[trolling] Part of why I hate iostreams... <g>

Discussion in 'C++' started by Alf P. Steinbach, Apr 7, 2009.

  1. It's Easter, so I'm flinging an egg in the direction of this newsgroup. :)


    <code language="C++">
    // In other languages a simple task!
    // The question is, could this be obfuscated even more, plus perhaps made even
    // less efficient, by suitable (under-documented) standard library requirements?

    #include <iostream>
    #include <limits>
    #include <locale>

    namespace std
    {
    // This overload of the endl function template can't formally be in 'std',
    // that is, extensions such as this are not supported.
    template< typename CharT, typename Traits >
    basic_istream<CharT, Traits>& endl( basic_istream<CharT, Traits>& is )
    {
    is.ignore(
    numeric_limits<streamsize>::max(), // Incorrectly documented C++98.
    Traits::to_int_type( use_facet< ctype<CharT> >( is.getloc()
    ).widen( '\n' ) )
    );
    return is;
    }
    }

    int main()
    {
    using namespace std;

    cout << "Press return, please: ";
    cin >> endl;
    }
    </code>


    Cheers,

    - Alf

    --
    Due to hosting requirements I need visits to <url: http://alfps.izfree.com/>.
    No ads, and there is some C++ stuff! :) Just going there is good. Linking
    to it is even better! Thanks in advance!
    Alf P. Steinbach, Apr 7, 2009
    #1
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  2. Alf P. Steinbach

    Bo Persson Guest

    Alf P. Steinbach wrote:
    > It's Easter, so I'm flinging an egg in the direction of this
    > newsgroup. :)
    >
    > <code language="C++">
    > // In other languages a simple task!
    > // The question is, could this be obfuscated even more, plus
    > perhaps made even // less efficient, by suitable (under-documented)
    > standard library requirements?
    > #include <iostream>
    > #include <limits>
    > #include <locale>
    >
    > namespace std
    > {
    > // This overload of the endl function template can't formally
    > be in 'std', // that is, extensions such as this are not
    > supported. template< typename CharT, typename Traits >
    > basic_istream<CharT, Traits>& endl( basic_istream<CharT,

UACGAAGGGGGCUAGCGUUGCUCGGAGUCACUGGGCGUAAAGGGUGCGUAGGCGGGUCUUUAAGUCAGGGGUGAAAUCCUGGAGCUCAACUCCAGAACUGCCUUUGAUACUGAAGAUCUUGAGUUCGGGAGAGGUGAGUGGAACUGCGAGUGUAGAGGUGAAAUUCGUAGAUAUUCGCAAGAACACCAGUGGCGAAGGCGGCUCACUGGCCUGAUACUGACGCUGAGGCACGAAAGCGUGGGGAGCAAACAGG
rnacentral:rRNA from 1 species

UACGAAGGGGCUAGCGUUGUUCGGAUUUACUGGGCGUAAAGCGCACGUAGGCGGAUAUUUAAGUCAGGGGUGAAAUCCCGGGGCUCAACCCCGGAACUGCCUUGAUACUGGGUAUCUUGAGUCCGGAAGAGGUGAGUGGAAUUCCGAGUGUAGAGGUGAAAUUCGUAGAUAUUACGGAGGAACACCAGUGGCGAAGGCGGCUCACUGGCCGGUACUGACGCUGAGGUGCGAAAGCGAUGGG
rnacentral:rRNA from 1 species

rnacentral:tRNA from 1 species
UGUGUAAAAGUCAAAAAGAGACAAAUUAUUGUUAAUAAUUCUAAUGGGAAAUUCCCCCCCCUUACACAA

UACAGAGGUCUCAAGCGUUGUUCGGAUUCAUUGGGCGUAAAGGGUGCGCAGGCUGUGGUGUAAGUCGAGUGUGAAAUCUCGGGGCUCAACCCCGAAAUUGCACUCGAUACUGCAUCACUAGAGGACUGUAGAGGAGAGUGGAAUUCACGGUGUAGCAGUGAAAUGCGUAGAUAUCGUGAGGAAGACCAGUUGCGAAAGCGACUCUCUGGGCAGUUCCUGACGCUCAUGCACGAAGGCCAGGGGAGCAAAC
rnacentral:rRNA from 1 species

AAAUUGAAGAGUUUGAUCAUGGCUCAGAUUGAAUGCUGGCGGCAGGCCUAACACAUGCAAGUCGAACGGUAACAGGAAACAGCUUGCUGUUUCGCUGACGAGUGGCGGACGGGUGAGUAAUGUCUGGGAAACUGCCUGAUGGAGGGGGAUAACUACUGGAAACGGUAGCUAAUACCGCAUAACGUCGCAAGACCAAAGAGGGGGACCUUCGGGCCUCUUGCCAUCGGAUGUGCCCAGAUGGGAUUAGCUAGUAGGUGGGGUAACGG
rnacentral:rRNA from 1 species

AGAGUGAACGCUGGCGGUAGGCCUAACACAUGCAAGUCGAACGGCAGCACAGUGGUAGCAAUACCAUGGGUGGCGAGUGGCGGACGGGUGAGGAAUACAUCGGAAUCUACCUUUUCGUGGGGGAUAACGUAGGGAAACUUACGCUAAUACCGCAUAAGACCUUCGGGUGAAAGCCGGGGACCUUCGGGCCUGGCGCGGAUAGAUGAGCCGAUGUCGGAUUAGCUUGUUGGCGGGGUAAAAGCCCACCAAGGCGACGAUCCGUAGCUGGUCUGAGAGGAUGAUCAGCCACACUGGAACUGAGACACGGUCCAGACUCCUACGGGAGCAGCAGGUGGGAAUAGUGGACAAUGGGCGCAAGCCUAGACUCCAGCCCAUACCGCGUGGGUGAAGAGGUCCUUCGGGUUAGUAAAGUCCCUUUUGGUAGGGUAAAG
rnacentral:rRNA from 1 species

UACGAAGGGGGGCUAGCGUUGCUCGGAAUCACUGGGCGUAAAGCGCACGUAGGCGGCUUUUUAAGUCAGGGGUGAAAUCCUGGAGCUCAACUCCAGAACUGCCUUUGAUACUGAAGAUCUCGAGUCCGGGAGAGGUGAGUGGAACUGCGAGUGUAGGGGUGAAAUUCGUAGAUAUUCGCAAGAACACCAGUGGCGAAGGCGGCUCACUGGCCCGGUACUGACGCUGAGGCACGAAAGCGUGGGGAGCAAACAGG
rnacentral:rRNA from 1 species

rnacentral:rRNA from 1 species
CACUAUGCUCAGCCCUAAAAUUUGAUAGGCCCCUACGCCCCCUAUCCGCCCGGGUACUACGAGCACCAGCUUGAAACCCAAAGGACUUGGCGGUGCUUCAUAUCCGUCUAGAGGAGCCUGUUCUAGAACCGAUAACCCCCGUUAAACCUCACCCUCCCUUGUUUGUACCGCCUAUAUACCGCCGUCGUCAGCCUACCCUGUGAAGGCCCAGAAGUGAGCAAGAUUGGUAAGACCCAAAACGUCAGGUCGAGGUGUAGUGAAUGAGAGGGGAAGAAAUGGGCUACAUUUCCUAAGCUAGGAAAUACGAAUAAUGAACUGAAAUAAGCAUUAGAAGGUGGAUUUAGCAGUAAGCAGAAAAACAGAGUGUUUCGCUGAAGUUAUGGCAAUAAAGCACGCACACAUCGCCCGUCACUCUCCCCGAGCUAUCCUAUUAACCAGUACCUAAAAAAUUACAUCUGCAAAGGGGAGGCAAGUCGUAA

> Traits>& is ) {
    > is.ignore(
    > numeric_limits<streamsize>::max(), // Incorrectly
    > documented C++98. Traits::to_int_type( use_facet<
    > ctype<CharT> >( is.getloc() ).widen( '\n' ) )
    > );
    > return is;
    > }
    > }
    >
    > int main()
    > {
    > using namespace std;
    >
    > cout << "Press return, please: ";
    > cin >> endl;
    > }
    > </code>
    >
    >
    > Cheers,
    >
    > - Alf


    You have a long way to the Obfuscated C Contest, but not too bad.

    The real question is of course why you would want an endl manipulator
    for cin, in the first place? What's wrong with just calling
    cin.ignore(large_value)?

    The odds of finding both a char_traits and a locale for anything other
    that char and wchar_t is so close to zero (0.0L), that you would need
    extended precision to compute it.


    Do you have a Part II? :)


    Bo Persson
    Bo Persson, Apr 7, 2009
    #2
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  3. Alf P. Steinbach

    Guest

    Re: Part of why I hate iostreams... <g>

    On Apr 7, 10:33 am, "Alf P. Steinbach" <> wrote:
    > It's Easter, so I'm flinging an egg in the direction of this newsgroup. :)
    >
    > <code language="C++">
    > // In other languages a simple task!
    > // The question is, could this be obfuscated even more, plus perhaps made even
    > // less efficient, by suitable (under-documented) standard library requirements?
    >



    There was some work going on within Boost to replace iostreams
    a few years ago. The work was separate from the Boost IOStreams
    library. I haven't heard anything about that work recently
    though. In the meantime, I recommend minimizing use of the
    standard iostreams library.

    Brian Wood
    Ebenezer Enterprises